Is it me, or is this team flying under the radar a little bit? Perhaps it's because Duke is a little bit boring compared to some of the glitzy guys in the top 10, but mostly the low buzz results from the nagging feeling that we've seen this before from Duke -- a talented but soft team whose stellar regular season will be followed by a humbling pre-Elite Eight exit. I disagree, for two reasons. First, this is a bigger, stronger, tougher team than in years past, and that is really manifesting itself at the defensive end. (They're ranked in the top 25 nationally in field goal defense and defensive efficiency.) Moreover, the ACC is not as strong as I thought it would be entering the season. Only four of the league's 12 teams are ranked in this week's top 25, and Duke is the only one that looks like a bona fide national championship contender.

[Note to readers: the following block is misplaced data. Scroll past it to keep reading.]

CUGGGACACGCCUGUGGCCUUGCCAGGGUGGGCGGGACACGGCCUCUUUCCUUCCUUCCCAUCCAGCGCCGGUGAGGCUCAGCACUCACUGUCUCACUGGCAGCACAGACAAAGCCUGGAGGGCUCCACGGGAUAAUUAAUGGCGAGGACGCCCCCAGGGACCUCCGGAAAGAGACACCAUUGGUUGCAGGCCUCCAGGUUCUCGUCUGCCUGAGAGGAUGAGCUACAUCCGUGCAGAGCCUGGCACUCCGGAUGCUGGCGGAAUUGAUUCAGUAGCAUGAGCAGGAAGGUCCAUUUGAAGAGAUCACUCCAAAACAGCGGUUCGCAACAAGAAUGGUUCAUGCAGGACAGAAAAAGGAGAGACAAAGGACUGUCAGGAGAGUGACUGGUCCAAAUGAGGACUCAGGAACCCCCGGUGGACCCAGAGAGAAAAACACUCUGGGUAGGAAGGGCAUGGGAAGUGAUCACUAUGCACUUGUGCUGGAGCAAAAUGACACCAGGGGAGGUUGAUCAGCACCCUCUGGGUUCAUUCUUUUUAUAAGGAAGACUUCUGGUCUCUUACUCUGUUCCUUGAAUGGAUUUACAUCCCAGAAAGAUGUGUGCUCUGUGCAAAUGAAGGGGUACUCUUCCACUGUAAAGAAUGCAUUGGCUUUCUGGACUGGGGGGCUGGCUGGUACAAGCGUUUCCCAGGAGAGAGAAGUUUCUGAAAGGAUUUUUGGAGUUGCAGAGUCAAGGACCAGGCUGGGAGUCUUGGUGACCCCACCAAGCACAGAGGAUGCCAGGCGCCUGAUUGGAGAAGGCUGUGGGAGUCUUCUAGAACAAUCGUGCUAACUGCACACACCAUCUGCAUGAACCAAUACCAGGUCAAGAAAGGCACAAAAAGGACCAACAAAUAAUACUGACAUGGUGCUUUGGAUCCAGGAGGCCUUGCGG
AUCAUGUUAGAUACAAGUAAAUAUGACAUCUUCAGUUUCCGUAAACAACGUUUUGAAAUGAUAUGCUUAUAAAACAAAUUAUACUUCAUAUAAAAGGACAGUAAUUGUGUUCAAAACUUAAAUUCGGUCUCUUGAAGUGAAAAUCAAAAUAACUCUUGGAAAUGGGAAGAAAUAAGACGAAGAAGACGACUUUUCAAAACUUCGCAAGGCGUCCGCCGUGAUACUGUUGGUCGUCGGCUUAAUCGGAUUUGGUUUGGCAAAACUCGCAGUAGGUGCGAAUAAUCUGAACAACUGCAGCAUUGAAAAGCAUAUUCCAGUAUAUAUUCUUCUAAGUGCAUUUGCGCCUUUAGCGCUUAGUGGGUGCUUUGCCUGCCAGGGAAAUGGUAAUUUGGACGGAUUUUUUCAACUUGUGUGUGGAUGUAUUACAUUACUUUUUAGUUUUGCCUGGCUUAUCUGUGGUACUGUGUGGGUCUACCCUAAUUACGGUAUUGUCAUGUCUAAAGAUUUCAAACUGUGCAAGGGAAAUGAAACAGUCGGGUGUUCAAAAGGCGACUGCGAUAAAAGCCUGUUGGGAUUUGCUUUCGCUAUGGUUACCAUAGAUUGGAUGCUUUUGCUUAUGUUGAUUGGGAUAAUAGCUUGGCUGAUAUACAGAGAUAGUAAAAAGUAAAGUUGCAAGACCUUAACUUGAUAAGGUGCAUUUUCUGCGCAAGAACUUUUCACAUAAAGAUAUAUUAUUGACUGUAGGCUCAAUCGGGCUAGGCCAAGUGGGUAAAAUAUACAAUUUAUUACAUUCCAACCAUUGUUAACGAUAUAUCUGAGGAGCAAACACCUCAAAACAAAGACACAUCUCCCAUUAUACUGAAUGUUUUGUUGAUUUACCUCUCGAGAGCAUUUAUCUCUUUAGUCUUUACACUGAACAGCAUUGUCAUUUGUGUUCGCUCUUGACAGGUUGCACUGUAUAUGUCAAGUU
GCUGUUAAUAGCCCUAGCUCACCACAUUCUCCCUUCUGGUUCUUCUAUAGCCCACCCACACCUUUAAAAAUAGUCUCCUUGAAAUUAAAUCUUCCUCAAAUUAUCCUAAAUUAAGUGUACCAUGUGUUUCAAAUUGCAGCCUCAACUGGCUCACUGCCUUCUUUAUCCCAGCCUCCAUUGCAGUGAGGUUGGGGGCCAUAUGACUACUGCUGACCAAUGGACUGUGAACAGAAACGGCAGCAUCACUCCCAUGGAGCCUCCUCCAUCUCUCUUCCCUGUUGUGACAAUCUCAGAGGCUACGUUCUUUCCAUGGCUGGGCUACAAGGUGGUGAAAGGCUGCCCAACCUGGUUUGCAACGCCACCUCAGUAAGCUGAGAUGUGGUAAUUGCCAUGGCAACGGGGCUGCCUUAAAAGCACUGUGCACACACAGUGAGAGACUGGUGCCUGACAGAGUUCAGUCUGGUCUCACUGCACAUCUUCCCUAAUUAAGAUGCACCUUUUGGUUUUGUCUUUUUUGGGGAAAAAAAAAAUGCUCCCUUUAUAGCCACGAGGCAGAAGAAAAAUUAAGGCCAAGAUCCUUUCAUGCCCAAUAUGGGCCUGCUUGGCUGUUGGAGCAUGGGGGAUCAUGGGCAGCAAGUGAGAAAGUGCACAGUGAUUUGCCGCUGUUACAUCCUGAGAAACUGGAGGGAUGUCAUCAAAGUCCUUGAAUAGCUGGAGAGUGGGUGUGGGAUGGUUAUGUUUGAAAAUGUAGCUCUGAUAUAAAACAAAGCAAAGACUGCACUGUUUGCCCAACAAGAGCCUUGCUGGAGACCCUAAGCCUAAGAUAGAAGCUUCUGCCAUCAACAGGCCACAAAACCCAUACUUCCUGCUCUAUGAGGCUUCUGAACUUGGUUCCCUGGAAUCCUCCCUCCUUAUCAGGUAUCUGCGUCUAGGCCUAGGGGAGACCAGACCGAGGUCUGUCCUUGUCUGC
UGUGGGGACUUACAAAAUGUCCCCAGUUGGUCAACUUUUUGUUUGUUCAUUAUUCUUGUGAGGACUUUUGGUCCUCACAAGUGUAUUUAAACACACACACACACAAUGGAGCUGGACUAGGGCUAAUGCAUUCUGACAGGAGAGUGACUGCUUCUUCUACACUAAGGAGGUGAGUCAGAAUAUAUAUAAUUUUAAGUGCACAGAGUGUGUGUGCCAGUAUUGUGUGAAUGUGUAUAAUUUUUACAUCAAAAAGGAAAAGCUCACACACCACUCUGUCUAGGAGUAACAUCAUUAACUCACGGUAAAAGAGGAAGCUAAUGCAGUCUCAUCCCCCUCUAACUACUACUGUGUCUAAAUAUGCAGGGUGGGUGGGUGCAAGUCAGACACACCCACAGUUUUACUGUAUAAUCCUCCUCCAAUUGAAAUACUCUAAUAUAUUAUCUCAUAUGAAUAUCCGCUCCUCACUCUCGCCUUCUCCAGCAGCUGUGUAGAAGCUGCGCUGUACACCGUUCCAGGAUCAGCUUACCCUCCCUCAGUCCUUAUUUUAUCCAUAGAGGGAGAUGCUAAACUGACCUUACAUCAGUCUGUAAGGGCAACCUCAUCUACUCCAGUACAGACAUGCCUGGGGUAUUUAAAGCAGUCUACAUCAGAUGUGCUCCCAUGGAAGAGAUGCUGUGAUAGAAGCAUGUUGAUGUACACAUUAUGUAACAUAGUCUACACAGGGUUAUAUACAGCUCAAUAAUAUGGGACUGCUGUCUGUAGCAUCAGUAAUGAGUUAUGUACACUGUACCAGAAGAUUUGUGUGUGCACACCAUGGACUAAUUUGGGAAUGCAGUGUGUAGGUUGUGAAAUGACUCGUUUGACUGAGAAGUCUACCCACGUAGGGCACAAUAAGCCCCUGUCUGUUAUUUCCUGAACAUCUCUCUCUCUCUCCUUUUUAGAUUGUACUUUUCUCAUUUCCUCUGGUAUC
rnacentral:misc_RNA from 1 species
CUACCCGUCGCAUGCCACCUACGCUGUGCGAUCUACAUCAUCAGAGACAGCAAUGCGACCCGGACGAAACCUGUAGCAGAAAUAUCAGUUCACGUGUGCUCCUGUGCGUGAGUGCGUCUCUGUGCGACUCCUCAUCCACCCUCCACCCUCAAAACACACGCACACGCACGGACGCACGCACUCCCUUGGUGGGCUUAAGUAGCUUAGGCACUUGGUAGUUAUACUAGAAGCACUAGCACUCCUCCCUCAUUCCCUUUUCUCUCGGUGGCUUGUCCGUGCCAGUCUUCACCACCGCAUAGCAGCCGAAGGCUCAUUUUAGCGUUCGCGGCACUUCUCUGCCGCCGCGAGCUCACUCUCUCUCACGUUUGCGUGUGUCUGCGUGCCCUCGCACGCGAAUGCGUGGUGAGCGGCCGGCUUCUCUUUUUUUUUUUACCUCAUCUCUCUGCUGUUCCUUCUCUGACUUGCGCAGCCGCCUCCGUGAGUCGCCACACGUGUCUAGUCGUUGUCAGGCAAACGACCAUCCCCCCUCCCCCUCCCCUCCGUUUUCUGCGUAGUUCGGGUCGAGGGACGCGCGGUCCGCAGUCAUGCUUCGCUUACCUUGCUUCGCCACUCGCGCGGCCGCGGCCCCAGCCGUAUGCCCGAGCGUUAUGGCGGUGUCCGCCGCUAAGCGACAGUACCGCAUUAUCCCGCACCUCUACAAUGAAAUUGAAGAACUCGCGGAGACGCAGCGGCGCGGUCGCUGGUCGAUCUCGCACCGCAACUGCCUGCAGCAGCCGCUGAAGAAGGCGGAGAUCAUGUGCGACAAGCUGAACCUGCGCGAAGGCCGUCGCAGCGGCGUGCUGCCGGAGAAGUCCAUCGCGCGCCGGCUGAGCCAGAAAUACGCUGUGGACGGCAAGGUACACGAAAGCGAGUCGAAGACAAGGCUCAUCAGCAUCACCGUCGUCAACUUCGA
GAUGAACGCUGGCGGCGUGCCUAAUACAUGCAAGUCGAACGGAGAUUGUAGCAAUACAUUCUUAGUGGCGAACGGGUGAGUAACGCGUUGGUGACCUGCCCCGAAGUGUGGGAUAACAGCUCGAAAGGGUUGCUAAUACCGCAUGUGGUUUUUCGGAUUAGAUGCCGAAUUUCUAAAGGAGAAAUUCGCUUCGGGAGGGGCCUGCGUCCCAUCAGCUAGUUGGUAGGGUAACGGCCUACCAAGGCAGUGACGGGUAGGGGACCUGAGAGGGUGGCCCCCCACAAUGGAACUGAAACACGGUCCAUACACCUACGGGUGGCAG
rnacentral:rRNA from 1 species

The Gators are not as good as many people (including myself) thought they were after they upset Michigan State in November, but this happens to be a great time to try to buy them. On Saturday they play at Vanderbilt, a team that is not as good as many people seem to think, and on Jan. 12 they get mighty Kentucky at home. That's two good chances to make waves. Tennessee's off-court woes present another opportunity in the SEC East. And you have to like this team's karma coming off that miracle win over N.C. State on Chandler Parsons' 70-foot heave. (Then again, why did they need a miracle to beat a team headed for the ACC's basement?) The ceiling is not very high for Florida because of its lack of toughness and uneven point guard play, but I think the Gators are going to have a pretty good couple of weeks.